It’s likely your clients give to charity out of altruism. It’s also likely that they could benefit from using their charitable giving to rebalance their portfolio.
Whether the end of the financial year is coming to an end or just beginning, it’s always a good time to look at how charitable donations can help your clients manage their tax burden.
I’ll break down the challenges many clients face when it comes to donating strategically, and the solutions you can offer them to make sure they get the most bang for their charitable buck.
Challenges Your Clients Face
Chances are your clients have a couple of blind spots that are making their lives difficult.
Two common misconceptions:
- They think they need to know which charities they want to support before making donations.
Maybe your client has learned about a new cause they want to support, but feel like they need to do more research before they can confidently make a donation.
Or maybe they’ve had enough of supporting the same charities, day-in, day-out, so they want to try out something new—but they don’t know where to start.
You can soothe their anxiety by letting them know about the benefits of using a donor advised fund.
I’ll get into more detail about the donor advised fund shortly, but here’s the main message: when they use a donor advised fund to give to charity, they benefit from immediate tax savings, but can take as much time as they like deciding where the money will go.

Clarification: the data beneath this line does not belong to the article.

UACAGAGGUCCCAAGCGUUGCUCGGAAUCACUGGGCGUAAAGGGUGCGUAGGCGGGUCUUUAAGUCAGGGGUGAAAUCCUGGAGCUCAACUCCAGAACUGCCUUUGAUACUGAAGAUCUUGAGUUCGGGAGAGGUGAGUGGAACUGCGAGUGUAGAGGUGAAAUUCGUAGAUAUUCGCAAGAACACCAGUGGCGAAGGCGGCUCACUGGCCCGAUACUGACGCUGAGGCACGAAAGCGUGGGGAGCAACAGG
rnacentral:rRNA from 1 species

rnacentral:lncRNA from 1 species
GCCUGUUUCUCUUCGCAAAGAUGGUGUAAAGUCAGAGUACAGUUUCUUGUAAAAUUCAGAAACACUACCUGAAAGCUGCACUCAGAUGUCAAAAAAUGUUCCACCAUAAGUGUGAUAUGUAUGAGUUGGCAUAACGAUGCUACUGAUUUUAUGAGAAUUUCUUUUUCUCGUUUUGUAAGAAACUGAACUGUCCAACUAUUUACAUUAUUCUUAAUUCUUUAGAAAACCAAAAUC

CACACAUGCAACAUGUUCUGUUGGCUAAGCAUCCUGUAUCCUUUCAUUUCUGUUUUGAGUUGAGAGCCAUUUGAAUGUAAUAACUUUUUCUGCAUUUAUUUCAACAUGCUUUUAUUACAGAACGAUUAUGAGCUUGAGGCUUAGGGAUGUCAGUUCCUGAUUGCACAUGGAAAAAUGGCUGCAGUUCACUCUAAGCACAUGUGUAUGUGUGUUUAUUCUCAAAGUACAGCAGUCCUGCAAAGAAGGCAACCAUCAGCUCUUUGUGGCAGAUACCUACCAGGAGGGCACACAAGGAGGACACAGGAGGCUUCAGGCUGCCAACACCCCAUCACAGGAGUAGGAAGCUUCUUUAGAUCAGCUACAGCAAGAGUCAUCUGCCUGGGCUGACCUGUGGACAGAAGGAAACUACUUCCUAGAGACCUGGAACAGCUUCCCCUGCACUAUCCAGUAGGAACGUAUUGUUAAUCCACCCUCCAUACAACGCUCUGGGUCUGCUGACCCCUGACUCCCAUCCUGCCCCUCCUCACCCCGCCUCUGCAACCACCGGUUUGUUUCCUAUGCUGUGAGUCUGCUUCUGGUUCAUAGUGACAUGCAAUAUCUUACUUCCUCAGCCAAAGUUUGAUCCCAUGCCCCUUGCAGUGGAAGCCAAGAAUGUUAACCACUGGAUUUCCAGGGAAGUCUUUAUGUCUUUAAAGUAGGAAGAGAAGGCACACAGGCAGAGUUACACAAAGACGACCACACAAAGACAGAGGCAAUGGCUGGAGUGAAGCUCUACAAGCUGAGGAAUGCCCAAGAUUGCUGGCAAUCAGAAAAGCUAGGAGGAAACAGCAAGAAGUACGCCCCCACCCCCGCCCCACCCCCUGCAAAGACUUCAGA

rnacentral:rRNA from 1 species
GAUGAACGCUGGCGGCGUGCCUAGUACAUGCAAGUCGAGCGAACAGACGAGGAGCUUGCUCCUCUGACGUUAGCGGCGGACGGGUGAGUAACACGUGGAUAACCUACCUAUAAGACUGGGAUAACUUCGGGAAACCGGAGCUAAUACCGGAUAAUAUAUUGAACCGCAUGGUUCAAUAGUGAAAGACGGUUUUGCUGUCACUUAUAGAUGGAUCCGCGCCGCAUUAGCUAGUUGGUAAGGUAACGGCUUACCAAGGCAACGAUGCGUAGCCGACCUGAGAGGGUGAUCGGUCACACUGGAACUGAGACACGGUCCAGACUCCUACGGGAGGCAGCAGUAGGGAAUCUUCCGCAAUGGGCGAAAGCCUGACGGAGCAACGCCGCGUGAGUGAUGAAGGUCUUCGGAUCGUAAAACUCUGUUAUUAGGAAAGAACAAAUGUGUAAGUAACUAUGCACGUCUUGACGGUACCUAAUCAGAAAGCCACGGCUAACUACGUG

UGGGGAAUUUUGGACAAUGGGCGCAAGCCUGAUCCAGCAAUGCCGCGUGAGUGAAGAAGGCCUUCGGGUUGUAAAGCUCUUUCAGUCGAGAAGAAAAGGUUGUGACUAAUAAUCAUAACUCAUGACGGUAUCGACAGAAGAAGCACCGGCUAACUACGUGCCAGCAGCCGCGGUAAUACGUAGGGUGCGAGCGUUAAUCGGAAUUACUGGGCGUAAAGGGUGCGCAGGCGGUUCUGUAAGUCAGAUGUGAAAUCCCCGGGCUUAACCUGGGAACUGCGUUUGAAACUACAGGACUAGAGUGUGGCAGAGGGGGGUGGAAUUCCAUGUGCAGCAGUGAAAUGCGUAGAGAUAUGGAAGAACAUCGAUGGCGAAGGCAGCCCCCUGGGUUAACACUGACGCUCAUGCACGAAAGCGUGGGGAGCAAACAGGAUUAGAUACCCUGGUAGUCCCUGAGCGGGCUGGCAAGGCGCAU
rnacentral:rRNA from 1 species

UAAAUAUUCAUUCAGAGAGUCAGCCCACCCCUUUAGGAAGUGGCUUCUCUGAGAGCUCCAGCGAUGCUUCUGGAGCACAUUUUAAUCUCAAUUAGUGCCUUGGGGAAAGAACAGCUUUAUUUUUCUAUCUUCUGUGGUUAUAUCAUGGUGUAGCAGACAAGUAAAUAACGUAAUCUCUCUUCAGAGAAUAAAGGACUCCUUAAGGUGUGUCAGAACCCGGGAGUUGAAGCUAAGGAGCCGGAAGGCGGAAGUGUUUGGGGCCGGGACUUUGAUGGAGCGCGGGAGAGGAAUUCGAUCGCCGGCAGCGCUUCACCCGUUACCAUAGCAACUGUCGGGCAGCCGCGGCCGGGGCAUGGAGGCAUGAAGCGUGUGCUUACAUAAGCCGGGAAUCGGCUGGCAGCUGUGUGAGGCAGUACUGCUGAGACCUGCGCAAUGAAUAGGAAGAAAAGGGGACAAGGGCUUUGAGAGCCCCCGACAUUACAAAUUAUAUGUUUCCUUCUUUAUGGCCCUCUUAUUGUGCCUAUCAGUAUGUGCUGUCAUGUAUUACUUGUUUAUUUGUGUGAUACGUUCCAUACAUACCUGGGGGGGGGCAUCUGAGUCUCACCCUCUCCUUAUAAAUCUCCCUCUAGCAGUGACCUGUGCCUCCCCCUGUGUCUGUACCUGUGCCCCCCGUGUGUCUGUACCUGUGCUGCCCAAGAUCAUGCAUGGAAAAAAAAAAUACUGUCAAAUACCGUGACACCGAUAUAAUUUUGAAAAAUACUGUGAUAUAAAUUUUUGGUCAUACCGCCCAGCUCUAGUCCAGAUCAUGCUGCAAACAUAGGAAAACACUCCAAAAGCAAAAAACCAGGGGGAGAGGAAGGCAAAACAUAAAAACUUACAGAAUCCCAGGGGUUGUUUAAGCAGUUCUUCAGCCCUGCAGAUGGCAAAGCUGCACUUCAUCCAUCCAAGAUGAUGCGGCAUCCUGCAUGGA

- They don’t realize they can benefit by giving away appreciated securities.
Maybe, over the course of the year, you’ve helped your clients pick some good investments. Now, they’re ready to cash out or rebalance, but the end of the tax year is approaching, and they’re starting to worry about capital gains taxes.
You can help them reduce their capital gains tax by donating some of those stocks.
Even when clients know they can give away appreciated securities, they don’t have a giving plan in place. Meaning, they don’t see the connection between making this kind of donation, and the benefits of doing so.
Namely, they’ll get a break on capital gains taxes, while making their dollar (in the form of securities’ value) go further.
In the next section, I’ll look at how you can make this happen.
Solutions You Can Offer Your Clients
Here’s what you can do to make it easier for your clients to make an impact with their giving, while balancing their portfolio.
Set them up with a donor advised fund
Once you set your client up with a donor advised fund, they’re able to both better manage their charitable donations and the resultant tax receipts, and make their charitable dollar go further.
How the donor advised fund works
When they put assets in a donor advised fund, your client is issued a tax receipt. That’s because every donor advised fund is administered by a registered charity that holds the money for your client.
The money doesn’t go to charity yet—it sits in the donor advised fund, and remains on your book. When your client knows which causes they’d like to support, they can transfer the funds
Why a donor advised fund can be Better than a Private Foundation
Three important factors that can make setting up a donor advised fund a smarter move for your client than setting up a private foundation: time, money, and privacy.
Compared to virtually any donor advised fund available, a private foundation demands more overhead to register and then administer. Papers need to be filed. Records need to be kept. It means more time and money spent by the client, and more time and energy expended by you, for work that can be more easily managed through a donor advised fund.